The paradigm of "health" as a progression of inevitable illness through life described above is NOT the only way of viewing the human body. There are other paradigms - based on principles of Health and Wellness as being our fundamental evolutionary birthright.
Whenever anyone comes through the door of any doctor or health practitioner wanting some form of treatment, it is always because they feel that there is something "wrong" that needs attention. This universal and very reasonable fact has contributed to a whole philosophy of medicine based around pathology and illness, which is enshrined in our mainstream "healthcare" system. If you read or watch anything on "health" in the media, you will usually be confronted by a description of illness, disease and ill-health.
Although this debate was originally about disease, the principles apply equally well to physical aspects of the body such as skeletal structure, and to the health of the mind - it is about wellness of the entire body-mind.
The principle of Health/Wellness ("Vitalism") creates a very different perspective, and provides a way to think about building resources rather than treating problems. Given enough adaptive capacity (resilience), both the body and mind will be able to take care of themselves. So the question is - how do we increase adaptive capacity?
AT Still devised Osteopathy at the height of the intense debate between Pasteur's Germ Theory and Cellular Theory. Although this debate was originally about disease, the principles apply equally well to physical aspects of the body such as skeletal structure, and to the health of the mind - it is about wellness of the entire body-mind. As a society we adopted the idea of pathogens and illness, but the more ecological view of human health (Cellular Theory) developed by Antoine Béchamp and Claude Bernard was never disproven. AT Still believed that if the rivers and streams of the landscape of the human body were unclogged and free flowing, then its ecology would be healthy.
...he believed that if the rivers and streams of the landscape of the human body were unclogged and free flowing, then its ecology would be healthy...
It is possible to shift conscious attention in such a way as to encourage health - rather than paying attention to the illness. Whatever we pay attention to increases. This is a VERY effective and efficient way to work - since we look at where and how the body is expressing health and then help that "resource" to support and heal the areas that are not doing so well. In practice - from my point of view as a bodyworker - it includes attention to mobility of tissue and fluid (including the local blood and lymphatic circulation). It is also possible to totally ignore a particular "problem", and instead reduce the load that the body has to bear due to other minor things - e.g. old traumatic memories - so that its adaptive capacity is more free to work. All of the techniques I apply are designed to help the body's innate capacity for Health to express itself more fully.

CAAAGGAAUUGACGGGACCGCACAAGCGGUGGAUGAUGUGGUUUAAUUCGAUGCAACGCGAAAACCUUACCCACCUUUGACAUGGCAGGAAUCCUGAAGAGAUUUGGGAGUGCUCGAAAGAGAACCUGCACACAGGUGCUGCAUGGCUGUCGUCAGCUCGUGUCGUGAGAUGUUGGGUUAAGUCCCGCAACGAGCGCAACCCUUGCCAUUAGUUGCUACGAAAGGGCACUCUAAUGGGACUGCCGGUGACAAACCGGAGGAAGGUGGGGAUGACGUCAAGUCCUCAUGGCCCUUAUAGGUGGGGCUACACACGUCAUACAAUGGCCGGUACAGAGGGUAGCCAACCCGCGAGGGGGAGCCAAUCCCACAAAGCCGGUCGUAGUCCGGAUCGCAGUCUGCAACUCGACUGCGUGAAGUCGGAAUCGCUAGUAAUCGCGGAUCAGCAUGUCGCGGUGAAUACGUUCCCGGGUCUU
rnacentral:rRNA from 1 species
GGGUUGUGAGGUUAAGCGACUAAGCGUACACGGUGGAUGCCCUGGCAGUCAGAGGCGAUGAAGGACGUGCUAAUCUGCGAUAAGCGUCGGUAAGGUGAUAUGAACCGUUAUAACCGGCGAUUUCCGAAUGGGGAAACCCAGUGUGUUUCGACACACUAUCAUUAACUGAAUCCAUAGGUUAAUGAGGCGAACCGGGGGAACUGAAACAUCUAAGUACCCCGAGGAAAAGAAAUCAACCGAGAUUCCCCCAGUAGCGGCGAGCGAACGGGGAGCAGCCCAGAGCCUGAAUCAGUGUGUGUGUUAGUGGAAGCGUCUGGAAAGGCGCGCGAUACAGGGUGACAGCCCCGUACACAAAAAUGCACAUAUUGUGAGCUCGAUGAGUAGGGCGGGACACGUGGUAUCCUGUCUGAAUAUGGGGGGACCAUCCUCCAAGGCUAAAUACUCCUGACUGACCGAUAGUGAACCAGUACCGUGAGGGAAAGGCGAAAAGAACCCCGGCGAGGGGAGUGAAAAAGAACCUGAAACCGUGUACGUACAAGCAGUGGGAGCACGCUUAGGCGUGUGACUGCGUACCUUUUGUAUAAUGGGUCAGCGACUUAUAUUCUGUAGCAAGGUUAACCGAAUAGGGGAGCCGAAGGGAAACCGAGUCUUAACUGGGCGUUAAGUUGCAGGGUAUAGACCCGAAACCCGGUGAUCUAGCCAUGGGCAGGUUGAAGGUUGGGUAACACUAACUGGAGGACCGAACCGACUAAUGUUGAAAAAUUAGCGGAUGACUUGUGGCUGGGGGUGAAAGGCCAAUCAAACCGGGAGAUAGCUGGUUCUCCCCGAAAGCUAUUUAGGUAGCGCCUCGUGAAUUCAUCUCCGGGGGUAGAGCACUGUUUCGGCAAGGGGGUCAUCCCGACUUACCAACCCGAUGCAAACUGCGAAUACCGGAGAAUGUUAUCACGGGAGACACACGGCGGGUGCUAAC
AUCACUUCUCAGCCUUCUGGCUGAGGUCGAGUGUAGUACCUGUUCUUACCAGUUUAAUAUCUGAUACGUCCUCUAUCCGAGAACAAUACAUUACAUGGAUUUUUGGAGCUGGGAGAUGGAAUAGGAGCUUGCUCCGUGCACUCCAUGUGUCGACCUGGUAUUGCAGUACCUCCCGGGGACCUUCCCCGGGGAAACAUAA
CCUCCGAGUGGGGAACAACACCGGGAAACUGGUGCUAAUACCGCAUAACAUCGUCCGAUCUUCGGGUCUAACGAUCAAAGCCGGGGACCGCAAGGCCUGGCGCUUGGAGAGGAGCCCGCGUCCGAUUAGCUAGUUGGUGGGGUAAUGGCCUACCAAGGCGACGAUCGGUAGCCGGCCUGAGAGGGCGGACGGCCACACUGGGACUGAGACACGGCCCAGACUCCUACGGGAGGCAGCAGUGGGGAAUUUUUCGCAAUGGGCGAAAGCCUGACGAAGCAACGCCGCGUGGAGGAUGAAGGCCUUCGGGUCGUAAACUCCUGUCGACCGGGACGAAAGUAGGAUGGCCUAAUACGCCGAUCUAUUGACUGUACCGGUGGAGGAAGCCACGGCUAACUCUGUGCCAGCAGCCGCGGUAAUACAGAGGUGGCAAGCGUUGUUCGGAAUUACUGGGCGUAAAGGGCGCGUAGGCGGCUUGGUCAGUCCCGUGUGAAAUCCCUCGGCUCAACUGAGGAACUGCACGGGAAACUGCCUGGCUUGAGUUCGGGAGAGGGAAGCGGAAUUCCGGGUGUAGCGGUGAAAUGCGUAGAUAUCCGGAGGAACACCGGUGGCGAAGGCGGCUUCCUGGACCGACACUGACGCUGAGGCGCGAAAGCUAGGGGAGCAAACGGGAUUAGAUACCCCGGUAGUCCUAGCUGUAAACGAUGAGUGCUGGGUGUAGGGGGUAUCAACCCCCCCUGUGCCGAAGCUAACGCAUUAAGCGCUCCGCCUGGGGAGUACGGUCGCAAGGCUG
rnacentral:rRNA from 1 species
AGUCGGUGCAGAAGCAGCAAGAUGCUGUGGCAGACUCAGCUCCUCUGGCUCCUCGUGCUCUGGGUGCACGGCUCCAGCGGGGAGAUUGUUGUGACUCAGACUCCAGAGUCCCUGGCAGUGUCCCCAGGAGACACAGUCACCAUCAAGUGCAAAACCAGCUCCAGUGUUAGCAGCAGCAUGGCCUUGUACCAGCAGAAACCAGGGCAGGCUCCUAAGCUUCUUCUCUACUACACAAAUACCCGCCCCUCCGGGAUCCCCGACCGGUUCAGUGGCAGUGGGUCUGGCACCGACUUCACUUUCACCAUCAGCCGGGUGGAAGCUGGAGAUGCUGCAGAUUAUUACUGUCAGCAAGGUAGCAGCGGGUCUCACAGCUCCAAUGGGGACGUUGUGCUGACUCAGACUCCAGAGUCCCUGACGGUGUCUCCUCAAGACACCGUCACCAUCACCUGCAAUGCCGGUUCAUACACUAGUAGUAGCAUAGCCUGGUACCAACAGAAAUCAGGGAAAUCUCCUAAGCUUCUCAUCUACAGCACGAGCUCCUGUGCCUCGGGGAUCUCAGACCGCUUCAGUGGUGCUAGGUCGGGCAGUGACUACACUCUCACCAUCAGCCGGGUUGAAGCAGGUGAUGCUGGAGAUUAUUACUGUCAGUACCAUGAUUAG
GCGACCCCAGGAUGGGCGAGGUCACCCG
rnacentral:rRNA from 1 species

I have seen so many cases of incomplete healing being caused by an incorrect relationship between mind and body. Often a small change in how you relate to your body through the senses can make a vast change to how easily the body repairs itself. One physical example of this might be a broken bone or operation scar tissue that is not healing properly. Usually there is some residual fear of the pain or the accident, or some residual degree of shock still held in the body (this may not necessarily be conscious) - which may literally be the only thing that is preventing the tissue healing.
Whatever we pay attention to increases.
There are also ways to be embodied which cultivate an experience of physical lightness rather than heaviness. This has profound effects on posture - and therefore both physical and emotional health and mental outlook.